AgDM newsletter article, May 2003

Modest Gains for Cash Rental Rates

by William Edwards, extension economist, 515-294-6161, wedwards@iastate.edu

Average cash rental rates in Iowa have increased modestly over last year, according to results from an annual survey by Iowa State University. Forty percent of Iowa’s cropland is rented under cash rent lease agreements. Profits and losses are highly variable from year to year, and expectations of future returns ultimately are bid back into land rents as well as land selling prices.

A year ago both landowners and tenants were anticipating a surge in cash rents resulting from larger government payments under the 2003 farm bill. However, yields and prices have probably had more impact on rental rates for this year than the new USDA program.

Survey Results

The ISU survey of cash rental rates for 2003 showed increases in typical cash rents for all regions of the state. The largest increases were in east central and southeast Iowa. The estimated average rental rate for the entire state was $128 per acre, compared to $124 last year. Most, counties showed modest increases in typical rents, especially for lower quality land.

A total of 1,121 farm tenants, land owners, real estate agents, farm managers, and lenders responded to this year’s survey, by giving their best estimates of typical cash rental rates in their county. Cropland in each county was divided into high, medium and low quality thirds based on expected corn yields. Data also were collected for oats, hay and pasture land rents. They showed little change from past years.

It is difficult to tell how much impact the new farm bill had on cash rents for 2003. Expectations of higher USDA payment levels have largely evaporated, as grain prices have remained above loan rates most of the year. It appears that farmers will not collect loan dificiency payments or counter cyclical payments for the 2002 crops. That leaves only the direct payments to supplement income from the marketplace. On the positive side, new records were set for state average yields in 2002, and many farms harvested their best crops ever. While prices are not at high levels, they have risen enough to offset the loss of loan deficiency payments in most counties. Moreover, strong competition for rented land has kept rates at historically high levels in many communities.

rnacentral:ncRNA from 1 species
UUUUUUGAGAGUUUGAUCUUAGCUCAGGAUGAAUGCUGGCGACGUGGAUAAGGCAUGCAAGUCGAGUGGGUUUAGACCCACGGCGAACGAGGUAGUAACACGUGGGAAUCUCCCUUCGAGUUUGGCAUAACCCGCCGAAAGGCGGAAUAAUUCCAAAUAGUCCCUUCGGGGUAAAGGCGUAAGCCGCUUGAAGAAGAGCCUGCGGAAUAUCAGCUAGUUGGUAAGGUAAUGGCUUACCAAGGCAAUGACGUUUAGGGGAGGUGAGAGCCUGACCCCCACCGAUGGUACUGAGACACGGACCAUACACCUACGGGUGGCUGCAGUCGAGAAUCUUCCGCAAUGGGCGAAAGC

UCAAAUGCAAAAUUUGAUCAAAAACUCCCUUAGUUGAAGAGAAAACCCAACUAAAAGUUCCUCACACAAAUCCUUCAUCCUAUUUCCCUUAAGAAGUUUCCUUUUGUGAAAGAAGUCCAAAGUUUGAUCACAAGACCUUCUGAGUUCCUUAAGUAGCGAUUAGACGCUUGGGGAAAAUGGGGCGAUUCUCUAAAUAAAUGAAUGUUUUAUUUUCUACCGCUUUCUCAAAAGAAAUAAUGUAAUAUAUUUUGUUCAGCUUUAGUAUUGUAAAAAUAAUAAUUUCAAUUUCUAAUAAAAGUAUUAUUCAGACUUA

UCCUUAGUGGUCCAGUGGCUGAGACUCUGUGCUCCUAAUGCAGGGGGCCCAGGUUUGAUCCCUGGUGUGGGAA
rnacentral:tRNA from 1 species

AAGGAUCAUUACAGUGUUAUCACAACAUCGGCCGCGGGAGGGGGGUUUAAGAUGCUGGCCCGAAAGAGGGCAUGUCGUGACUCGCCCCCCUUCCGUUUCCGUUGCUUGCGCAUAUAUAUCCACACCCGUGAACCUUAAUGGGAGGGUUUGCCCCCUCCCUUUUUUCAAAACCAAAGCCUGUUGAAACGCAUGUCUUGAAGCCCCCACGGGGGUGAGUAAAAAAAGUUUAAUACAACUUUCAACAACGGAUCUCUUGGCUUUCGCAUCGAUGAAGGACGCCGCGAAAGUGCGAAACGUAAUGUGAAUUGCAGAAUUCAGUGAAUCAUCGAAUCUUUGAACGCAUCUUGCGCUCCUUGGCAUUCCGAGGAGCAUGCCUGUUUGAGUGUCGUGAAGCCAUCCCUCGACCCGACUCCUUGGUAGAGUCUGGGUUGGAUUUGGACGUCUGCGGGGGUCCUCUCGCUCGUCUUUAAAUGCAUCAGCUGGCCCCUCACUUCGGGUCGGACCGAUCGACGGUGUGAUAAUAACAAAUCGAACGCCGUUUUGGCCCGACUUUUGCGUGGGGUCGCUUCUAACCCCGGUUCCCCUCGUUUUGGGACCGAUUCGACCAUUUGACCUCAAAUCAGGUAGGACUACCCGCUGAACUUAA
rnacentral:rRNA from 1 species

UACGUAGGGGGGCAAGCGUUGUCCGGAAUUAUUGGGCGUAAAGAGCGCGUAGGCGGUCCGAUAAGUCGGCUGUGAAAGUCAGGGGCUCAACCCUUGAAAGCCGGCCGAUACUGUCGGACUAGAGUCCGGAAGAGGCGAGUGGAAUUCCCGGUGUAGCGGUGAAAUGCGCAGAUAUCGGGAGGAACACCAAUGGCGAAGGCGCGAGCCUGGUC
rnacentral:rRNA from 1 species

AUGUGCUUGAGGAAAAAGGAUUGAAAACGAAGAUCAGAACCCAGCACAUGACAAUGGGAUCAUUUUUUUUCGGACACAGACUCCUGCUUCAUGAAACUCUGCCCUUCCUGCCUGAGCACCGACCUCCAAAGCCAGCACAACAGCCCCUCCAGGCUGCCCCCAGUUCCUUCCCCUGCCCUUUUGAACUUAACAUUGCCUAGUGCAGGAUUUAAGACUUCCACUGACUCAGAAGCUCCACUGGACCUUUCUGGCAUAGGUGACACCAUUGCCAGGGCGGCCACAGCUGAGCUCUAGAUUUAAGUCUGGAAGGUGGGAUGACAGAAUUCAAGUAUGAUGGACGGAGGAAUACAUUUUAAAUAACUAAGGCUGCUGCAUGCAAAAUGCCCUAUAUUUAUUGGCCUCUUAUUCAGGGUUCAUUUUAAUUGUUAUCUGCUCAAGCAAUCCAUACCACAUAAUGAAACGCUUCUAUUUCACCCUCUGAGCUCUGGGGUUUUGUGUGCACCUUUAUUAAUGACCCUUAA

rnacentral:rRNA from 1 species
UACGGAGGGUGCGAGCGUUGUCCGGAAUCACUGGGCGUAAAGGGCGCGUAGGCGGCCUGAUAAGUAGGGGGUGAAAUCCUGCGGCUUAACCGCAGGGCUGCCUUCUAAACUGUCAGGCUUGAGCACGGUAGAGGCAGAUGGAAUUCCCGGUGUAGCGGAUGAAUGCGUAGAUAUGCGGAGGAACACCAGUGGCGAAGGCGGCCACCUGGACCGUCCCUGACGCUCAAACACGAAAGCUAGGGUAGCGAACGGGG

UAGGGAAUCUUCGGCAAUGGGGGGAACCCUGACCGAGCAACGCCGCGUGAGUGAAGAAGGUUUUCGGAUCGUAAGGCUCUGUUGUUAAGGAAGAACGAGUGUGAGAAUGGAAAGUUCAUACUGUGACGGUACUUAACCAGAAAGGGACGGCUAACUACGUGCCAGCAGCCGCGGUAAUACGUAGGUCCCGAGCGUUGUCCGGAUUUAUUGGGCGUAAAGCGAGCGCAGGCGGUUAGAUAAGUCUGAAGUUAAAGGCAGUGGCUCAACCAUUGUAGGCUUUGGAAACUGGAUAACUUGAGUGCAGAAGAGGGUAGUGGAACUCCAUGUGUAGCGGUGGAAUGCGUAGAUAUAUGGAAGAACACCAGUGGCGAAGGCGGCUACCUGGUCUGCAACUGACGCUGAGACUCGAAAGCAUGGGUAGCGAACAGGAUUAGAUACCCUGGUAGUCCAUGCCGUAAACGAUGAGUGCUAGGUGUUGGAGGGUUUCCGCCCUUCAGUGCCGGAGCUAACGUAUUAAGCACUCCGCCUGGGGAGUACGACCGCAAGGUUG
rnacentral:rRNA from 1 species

Rents Vary by Productivity

Average rents per bushel of expected corn yield were calculated using county average yields since 1993. These rates ranged from about $.87 per bushel in south central Iowa to over $1.00 per bushel in east central Iowa. Stronger grain prices near the Mississippi River and the large number of acres devoted to seed production tended to support rental rates in some areas.

The full summary of the survey is contained in the accompanying Decision File 2003 Farmland Cash Rental Rates, File C2-10.

Negotiating Individual Terms

Not all lease agreements will follow the trends. There are two basic approaches to negotiating rental rates. Some tenants and owners attempt to adjust the rent yearly, to reflect near-term economic prospects or results. Other leases, especially long-term agreements between the same parties, are adjusted infrequently on the assumption that high and low profit years will even out over time.

Individual lease agreements will vary considerably from average rates. Particular farms may include areas that have poor drainage or are highly eroded, or that are low in fertility. Other farms may have small or irregular fields, or terraces to work around. The size of the USDA corn base and program yield associated with a particular farm affects the value of the direct and counter cyclical payments received. All of these factors influence the level of rent tenants are willing and able to pay.

Local grain market conditions, the availability of seed or specialty grain contracts, and the number of rental acres available also cause rental rates to be higher or lower in certain communities. The information shown in this survey can be used to benchmark rates among counties, and to indicate trends, but should not substitute for careful consideration of expected costs and returns as a basis for negotiating terms for a specific parcel of land.

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